Another possible solution to the global scope debacle


For what it’s worth, one of the more confusing things is that the name resolution is within the scope and a syntactic, not semantic thing. By this, I mean:

julia> x=1;

julia> function f()
       @show x
       false && (x=1)
julia> function g()
       @show x
       #false && (x=1)
julia> f()
ERROR: UndefVarError: x not defined
julia> g()
x = 1

In principle, I would prefer a splitting into UndefGlobalVarError (no local binding of that name exists, and at runtime there is no global of that name) and UnInitializedVarError (a binding for this symbol exists in the scope, but has not yet been assigned at time of use – all control flows leading to a use before assignment must give us this error, but this may need to be tracked at runtime due to @goto, if the halting problem for the specific user code is too hard for the compiler).


FWIW, I really like @jeff.bezanson’s proposal, along with introducing local for and global for (and let), which defaults to local for now, with the option of changing the default later (whether in 1.3 or 2.0) after some experience has been gained, as advocated by @Liso and @oxinabox. Apart from being quite clean, this strategy should also alleviate @tim.holy’s concern. Importantly, code will continue to work the same in scripts and at the REPL; changing that seems worse than the original issue to me.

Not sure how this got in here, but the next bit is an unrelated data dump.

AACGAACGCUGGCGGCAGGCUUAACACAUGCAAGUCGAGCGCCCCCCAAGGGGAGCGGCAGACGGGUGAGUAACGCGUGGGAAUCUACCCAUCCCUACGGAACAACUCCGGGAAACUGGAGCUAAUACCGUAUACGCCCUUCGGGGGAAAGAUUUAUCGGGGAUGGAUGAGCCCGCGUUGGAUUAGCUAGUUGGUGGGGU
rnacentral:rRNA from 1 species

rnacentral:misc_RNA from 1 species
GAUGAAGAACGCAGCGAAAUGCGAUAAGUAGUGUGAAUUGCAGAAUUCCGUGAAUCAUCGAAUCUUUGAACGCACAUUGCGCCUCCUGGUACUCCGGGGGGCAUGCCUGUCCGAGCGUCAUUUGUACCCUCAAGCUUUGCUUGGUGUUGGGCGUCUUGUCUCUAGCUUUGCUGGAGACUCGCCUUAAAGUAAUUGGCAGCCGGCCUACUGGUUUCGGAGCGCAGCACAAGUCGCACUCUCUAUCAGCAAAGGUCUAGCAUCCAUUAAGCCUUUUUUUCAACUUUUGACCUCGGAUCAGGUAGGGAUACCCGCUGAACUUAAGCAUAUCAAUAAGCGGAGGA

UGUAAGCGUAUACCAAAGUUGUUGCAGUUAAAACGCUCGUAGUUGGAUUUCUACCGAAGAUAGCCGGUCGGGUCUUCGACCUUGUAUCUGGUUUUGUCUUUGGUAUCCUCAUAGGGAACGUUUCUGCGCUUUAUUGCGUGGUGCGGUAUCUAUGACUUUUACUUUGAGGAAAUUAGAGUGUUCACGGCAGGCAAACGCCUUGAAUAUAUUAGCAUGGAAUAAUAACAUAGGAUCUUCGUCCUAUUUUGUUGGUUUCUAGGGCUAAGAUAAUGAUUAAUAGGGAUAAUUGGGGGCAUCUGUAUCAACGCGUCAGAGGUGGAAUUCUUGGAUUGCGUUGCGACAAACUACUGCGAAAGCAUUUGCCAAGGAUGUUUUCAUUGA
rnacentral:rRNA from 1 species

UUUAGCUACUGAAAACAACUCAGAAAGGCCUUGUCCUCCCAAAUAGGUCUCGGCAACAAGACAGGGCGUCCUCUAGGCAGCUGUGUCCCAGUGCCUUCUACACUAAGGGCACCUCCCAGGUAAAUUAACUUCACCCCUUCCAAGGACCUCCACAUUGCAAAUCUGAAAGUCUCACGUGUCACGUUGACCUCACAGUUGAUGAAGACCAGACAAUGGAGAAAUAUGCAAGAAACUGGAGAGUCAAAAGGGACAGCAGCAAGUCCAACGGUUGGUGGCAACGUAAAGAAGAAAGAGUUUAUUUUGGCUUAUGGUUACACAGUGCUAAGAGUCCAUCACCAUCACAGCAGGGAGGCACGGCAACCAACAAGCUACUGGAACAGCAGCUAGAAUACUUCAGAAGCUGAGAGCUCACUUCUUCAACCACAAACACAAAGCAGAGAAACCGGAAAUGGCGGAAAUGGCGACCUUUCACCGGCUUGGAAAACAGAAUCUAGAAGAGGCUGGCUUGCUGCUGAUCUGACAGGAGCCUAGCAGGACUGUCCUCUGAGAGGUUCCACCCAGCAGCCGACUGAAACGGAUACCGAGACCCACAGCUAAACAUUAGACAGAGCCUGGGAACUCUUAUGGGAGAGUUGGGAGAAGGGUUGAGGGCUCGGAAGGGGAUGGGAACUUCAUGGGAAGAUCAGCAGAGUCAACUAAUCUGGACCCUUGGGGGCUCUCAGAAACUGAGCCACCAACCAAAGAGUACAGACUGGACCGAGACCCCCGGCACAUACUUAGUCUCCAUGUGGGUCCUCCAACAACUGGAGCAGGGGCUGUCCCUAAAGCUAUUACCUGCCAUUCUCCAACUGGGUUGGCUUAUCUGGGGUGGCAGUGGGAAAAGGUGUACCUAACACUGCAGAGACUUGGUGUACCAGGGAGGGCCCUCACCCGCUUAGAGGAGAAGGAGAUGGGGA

For teaching, any discussion about scope can thus be postponed by just introducing the global for concept at first; perhaps this could be simplified further by introducing for! as syntactic sugar as proposed earlier (though that begs the question of what happens to naked for if/when the default is changed down the road) In addition, perhaps a warning could be issued whenever a local variable is introduced that shadows a global, in addition to a more helpful error message as proposed in #29585, silenceable by macro or environment variable. That might take much of the sting out of Example 1 of the original issue. For Example 2, it would technically even be non-breaking (as it currently errors) if total_lines were initialized to the value of the global in addition to the warning, making the example work as intended.

With these measures, we might even find that the flood of discourse and stackoverflow questions subsides to a point where changing the default may not even be warranted anymore, or could at least be postponed until 2.0, hence honoring semver.